I discovered Patrick Lencioni a couple of years ago when I picked up his book The Advantage. It was the best book I read that year and still remains one of the best books I’ve ever read on organizational health and leadership. Every pastor should read it. I recently came across his newest book The Ideal Team Player and wanted to share the main premise with you.
People are the most important part of your church. That goes without saying, but you have to remember they can either make your church or break your church.
Every successful church is successful because of the people in it.
Every church that has failed has failed because of the people in it.
I’m not trying to take God out of the equation. God is constant. The people are the variable.
So, you have to get the people part of this thing right, especially the people on your team.
Patrick Lencioni says there are three virtues that make up the ideal team player.
- They are humble.
People with big egos don’t perform well in a team setting. If they’re more concerned with their success than the team’s, you have a problem. A person who is humble will always look for ways to compliment someone else on their performance and will be slow to seek attention for their own. An arrogant person who makes everything about him will destroy a team by creating resentment and division. Humility is the single greatest and most indispensable attribute of a team player.
- They are hungry.
Hungry people just want more. More to do, more to learn, and more responsibility. They are self-motivated. They are constantly thinking about what’s next. Hunger misdirected or taken too far can be a negative. Healthy hunger is a commitment to doing a job well and a willingness to go above and beyond when necessary. Lots of people will project a sense of hunger to try to get a job or position. That’s why it’s always best to look at their past patterns to discern if it’s real.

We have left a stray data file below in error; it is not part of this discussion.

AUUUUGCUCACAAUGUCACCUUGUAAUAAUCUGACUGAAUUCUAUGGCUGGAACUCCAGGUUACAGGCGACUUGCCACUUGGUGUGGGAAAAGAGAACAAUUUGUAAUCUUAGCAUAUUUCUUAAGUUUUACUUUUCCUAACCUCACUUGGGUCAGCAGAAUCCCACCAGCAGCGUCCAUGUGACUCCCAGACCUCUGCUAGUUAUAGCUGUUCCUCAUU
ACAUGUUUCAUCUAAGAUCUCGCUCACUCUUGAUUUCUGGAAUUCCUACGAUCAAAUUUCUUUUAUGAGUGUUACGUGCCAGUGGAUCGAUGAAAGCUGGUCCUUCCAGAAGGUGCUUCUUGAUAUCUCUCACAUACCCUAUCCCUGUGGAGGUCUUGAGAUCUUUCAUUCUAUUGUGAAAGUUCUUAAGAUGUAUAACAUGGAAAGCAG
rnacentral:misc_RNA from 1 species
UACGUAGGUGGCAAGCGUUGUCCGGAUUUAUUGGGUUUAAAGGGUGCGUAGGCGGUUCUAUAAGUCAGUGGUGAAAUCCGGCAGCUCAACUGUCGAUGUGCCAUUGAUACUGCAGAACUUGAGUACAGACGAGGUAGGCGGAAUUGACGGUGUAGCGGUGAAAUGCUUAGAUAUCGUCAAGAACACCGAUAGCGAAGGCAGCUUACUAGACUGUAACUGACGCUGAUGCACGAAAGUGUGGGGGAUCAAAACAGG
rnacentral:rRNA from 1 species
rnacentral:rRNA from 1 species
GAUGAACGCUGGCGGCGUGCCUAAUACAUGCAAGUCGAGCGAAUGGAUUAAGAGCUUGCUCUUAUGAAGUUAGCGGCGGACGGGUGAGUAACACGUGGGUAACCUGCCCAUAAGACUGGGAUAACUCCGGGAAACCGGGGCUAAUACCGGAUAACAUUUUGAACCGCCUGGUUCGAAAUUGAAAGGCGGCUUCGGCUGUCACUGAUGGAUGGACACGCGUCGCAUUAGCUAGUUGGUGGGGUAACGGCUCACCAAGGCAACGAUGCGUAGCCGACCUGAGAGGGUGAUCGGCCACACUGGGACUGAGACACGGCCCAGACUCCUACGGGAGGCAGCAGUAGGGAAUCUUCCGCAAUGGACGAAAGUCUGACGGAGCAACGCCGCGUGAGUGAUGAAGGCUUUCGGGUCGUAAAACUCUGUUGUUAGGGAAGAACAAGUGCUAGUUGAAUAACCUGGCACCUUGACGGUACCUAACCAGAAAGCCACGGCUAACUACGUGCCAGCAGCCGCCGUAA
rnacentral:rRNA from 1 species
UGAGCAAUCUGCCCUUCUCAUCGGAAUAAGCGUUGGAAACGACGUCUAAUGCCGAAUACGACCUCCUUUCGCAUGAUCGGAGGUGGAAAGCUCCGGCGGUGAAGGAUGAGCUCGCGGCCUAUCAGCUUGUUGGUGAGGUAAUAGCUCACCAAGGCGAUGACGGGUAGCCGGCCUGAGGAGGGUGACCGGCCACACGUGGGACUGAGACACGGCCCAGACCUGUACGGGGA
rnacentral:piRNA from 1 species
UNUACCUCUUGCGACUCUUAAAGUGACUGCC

- They are smart.
They may not be the most intelligent person, but they possess a common sense about people that makes them invaluable. They are relationally smart. They know how you talk to one person may not be the best way to talk to another. They learn the team. They ask good questions and spend time listening to what others say. They understand the impact of their words and actions, so they don’t say or do things without thinking about the likely responses of their teammates.
If just one of these virtues is missing in a person, they become significantly more difficult to have on the team. It requires all three. So, when you find a person who possesses all of these qualities, you would be wise to get them on your team as quick as possible.
What do you think about these virtues? What would you add? Leave a comment and let us know, and while you’re here don’t forget to subscribe to the blog to get tips on church growth, leadership, and more delivered to your inbox each week.